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Is Figueres going to run for president?

Everything about José María Figueres’ participation in the National Liberation Party (PLN) Youth Forum last Tuesday seemed like the beginning of a presidential campaign.

The youth forum, held in the eastern San José suburb of San Pedro, helps train future PLN politicians. The former Costa Rican president stood in front of a crowd of some 200 people who cheered and clapped throughout his speech. On the way out, attendees snapped photos of the ex-president on their cellphones.

Figueres fielded questions from the audience with the familiarity and eloquence of a presidential candidate on the stump. Still, the 57-year-old son of Costa Rica’s most famous president, José “Pepe” Figueres, insisted he isn’t preparing to run for the Costa Rican presidency in 2014.

Before flying back to Europe this Sunday, José María Figueres’ public agenda has been busy. Upon his arrival on Dec. 22, Figueres said he would meet with some of Costa Rica’s top political figures and travel across the country to talk to people in various communities.

Figueres is back in Costa Rica after seven years of self-imposed exile. In 2004, he was embroiled in a political scandal for receiving $900,000 in consulting fees from French telecommunications company Alcatel, via a former presidential adviser (TT, Dec. 22, 2011, Oct. 29, 2004). That scandal resulted in a five-year prison sentence for another ex-president, Miguel Ángel Rodríguez, but Figueres denies any wrongdoing.

By the end of 2011, Figueres had met with President Laura Chinchilla in her home in Santa Ana, southwest of San José, before Chinchilla headed to Mexico for a vacation with her family. According to Figueres’ press spokesman, José Peña, the visit was “an informal, courtesy visit with no political agenda.”

The daily La Nación reported that  Figueres,  who  is  credited  with attracting microchip manufacturing giant Intel to Costa Rica, offered Chinchilla advice on environmental and technological issues. Communications Minister Roberto Gallardo said Figueres planned on returning  to  Costa  Rica  to  continue  those conversations.

Peña also confirmed that before the end of the year, Figueres met with Liberation politicians, including former President Oscar Arias and his brother Rodrigo Arias – a possible presidential candidate – as well as former presidential candidates Antonio Álvarez Desanti and Rolando Araya.

“I’m worried about many things in the country, so I asked Oscar [Arias] and Rodrigo Arias their opinions on the current situation, from their own perspectives,” Figueres told The Tico Times.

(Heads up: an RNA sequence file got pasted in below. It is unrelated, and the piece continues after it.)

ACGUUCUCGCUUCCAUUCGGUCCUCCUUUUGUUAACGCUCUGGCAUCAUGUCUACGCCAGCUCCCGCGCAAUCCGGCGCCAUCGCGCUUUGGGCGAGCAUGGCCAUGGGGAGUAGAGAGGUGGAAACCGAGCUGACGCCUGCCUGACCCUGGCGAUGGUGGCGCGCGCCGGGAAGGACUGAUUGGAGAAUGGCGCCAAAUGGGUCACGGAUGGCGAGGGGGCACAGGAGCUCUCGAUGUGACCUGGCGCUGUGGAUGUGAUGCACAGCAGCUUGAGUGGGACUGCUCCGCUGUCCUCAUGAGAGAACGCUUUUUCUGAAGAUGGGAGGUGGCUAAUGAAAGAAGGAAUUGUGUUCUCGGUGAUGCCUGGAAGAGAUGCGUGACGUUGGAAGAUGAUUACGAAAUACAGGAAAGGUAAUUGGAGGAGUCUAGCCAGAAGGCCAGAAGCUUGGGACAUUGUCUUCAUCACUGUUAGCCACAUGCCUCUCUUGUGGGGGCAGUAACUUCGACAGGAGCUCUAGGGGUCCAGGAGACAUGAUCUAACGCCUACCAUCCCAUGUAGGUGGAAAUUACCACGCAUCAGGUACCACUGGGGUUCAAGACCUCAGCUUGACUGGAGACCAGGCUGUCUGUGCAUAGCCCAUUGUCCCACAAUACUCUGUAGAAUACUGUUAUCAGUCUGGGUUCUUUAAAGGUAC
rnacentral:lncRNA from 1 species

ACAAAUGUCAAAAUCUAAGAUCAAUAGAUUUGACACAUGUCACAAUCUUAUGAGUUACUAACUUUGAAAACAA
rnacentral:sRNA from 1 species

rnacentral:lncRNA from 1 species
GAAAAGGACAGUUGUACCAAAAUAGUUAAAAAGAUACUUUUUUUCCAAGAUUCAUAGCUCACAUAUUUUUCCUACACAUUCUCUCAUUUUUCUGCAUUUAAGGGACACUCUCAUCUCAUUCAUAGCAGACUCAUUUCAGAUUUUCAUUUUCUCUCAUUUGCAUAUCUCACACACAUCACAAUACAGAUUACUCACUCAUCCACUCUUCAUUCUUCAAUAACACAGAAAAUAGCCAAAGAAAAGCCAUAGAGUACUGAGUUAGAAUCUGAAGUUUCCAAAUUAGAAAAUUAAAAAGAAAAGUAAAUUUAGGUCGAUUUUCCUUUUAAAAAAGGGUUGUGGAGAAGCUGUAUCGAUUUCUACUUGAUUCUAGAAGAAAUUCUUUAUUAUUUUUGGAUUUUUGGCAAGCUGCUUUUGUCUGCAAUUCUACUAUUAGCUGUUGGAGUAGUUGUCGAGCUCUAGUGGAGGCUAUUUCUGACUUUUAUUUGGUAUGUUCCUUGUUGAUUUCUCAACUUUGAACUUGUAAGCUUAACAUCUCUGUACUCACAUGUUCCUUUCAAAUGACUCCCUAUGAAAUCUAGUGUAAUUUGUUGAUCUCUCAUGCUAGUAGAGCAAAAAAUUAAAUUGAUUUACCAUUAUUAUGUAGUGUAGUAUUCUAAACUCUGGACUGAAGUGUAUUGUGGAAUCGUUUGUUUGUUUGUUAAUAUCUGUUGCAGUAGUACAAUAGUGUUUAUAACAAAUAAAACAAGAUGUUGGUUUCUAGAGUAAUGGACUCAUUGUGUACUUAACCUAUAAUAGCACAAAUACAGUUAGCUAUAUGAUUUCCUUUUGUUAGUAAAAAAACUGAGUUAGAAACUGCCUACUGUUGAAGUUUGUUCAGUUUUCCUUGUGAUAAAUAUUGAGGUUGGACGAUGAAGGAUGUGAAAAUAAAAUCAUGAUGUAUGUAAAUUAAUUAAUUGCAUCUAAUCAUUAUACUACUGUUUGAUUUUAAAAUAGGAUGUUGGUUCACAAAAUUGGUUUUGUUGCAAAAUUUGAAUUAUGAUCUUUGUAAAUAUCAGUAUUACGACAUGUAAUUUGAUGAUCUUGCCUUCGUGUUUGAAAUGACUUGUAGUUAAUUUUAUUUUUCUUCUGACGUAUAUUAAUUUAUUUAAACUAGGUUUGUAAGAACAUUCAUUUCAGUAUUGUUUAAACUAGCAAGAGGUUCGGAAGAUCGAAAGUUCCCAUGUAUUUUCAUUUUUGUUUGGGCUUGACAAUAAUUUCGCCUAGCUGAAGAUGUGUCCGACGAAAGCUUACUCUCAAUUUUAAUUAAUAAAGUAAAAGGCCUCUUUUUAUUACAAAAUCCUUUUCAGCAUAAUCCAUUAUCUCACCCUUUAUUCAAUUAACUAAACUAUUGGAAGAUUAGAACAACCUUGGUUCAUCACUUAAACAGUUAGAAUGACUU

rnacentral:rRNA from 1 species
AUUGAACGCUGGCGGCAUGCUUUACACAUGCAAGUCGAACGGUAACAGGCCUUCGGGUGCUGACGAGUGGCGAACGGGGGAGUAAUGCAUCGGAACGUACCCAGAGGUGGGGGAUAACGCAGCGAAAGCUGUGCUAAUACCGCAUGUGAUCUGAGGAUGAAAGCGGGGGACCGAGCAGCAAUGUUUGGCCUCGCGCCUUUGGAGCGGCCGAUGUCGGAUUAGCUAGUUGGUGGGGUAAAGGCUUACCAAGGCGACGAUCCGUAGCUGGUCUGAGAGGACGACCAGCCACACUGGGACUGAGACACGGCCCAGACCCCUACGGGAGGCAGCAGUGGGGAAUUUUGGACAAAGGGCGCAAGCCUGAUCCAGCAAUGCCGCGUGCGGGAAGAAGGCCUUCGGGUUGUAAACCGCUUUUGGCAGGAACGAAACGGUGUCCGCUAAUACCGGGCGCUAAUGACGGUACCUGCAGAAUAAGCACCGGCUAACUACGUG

On Monday the former president traveled to the Southern Zone canton of Pérez Zeledón to meet with representatives from various social organizations that focus on women’s issues, tourism, youth issues and agriculture.

A similar meeting took place in the north-central canton of San Carlos.

“His goal is to talk to the people, understand their lives and needs, and take note of the country’s current situation,” Peña said. “He really wants to go out there and get a real sense of the Costa Rican reality.”

Figueres’ appearance at the PLN Youth Forum was an opportunity to lay the foundation for his future political life. At the end of the event, several PLN members waited for him outside and asked him to run for president.

“We need to close ranks and support President Chinchilla. I may be the only one saying this lately, but the president is doing the best job she can and we need to support her,” Figueres said during his presentation in the forum.

Figueres also addressed issues like public security. The former president noted Costa Rica’s high levels of crime recidivism and lack of a well-structured social rehabilitation plan.

The next move on his agenda is to meet with PLN President Bernal Jiménez.

“I will talk to him about [the PLN’s] relationship with the [Chinchilla] administration and the current political situation. I will give him my opinion about the fiscal situation, the world economy, big national issues and how the government should face them, and hear his point of view,” Jiménez told La Nación on Wednesday.

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